It is important to check the current situation, which is now changing dynamically because it has a direct impact on our lives. However, we should rely only on trusted facts, avoid tracking the content provided by portals that spread unverified information, often of a gossip nature. Such content can be harmful to us. Awareness of changes and challenges that await us will help us to face the new situation. The anxiety can be as well transformed into a constructive mobilization of our energy and resources.
What is worth remembering in the upcoming days and weeks is to be more forgiving towards yourself and your loved ones. Difficult times triggers difficult emotions, which we are not always able to control enough. However, we should keep remembering the magical power of the words 'I'm sorry' and 'I need you'. Let's be together, support each other and look for good solutions together.
Agnieszka Bystra-Grabowska, psycholog
Urszula Rodzik, pedagog
Katarzyna Topór, psycholog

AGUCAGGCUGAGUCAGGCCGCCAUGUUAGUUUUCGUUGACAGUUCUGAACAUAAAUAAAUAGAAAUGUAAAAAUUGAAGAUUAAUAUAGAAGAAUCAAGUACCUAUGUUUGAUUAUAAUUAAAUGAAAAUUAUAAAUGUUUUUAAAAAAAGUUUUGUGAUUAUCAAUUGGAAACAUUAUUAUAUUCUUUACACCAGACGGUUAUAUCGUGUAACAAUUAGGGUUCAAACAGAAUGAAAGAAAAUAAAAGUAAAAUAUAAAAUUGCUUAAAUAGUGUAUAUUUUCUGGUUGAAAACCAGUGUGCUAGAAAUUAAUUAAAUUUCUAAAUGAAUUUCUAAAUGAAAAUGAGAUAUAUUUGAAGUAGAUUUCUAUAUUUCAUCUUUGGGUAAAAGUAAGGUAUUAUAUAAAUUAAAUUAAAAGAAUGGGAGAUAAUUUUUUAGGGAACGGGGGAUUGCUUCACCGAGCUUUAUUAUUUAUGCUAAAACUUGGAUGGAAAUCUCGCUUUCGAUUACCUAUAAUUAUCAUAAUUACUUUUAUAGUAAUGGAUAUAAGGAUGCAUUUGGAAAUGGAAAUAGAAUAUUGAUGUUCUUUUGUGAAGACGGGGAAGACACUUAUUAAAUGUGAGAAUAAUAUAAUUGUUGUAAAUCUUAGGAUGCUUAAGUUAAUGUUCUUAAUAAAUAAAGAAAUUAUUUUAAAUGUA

In the current situation, many of us experience various difficult emotions. One of them is anxiety which appears as a natural reaction of the body to a threat. And although anxiety is perceived as something destructive and negative, as emphasized by Dr Ewa Pragłowska (doctor of humanities, a specialist in clinical psychology, psychotherapist and supervisor of psychotherapy), it is also a "life-giving emotion". It might have a constructive effect because it makes us make rational decisions and strategies that are supposed to protect us, e.g. we stay at home, we follow the recommendations to avoid infection. On the other hand, it is also natural that our body tries to return to a state of relative balance because prolonged stress can adversely affect, among others, cortisol levels which in the case of persistently high levels weakens our immune system. Many people are therefore looking for answers on how to reduce anxiety, which is felt as a strongly unpleasant emotion, especially if it is accompanied by other additional emotions such as sadness (e.g. due to prolonged isolation and inability to spend time with loved ones), longing (for past activities, family), anger or anxiety about the future (e.g. for a job). All this means that we want to push away unpleasant feelings as far as possible. While it is not possible to consciously cut off our emotions (and it would not even be beneficial in the long run) you can try to "tame" the emotions felt and reduce the level of anxiety you experience. Below are suggestions that can help with this.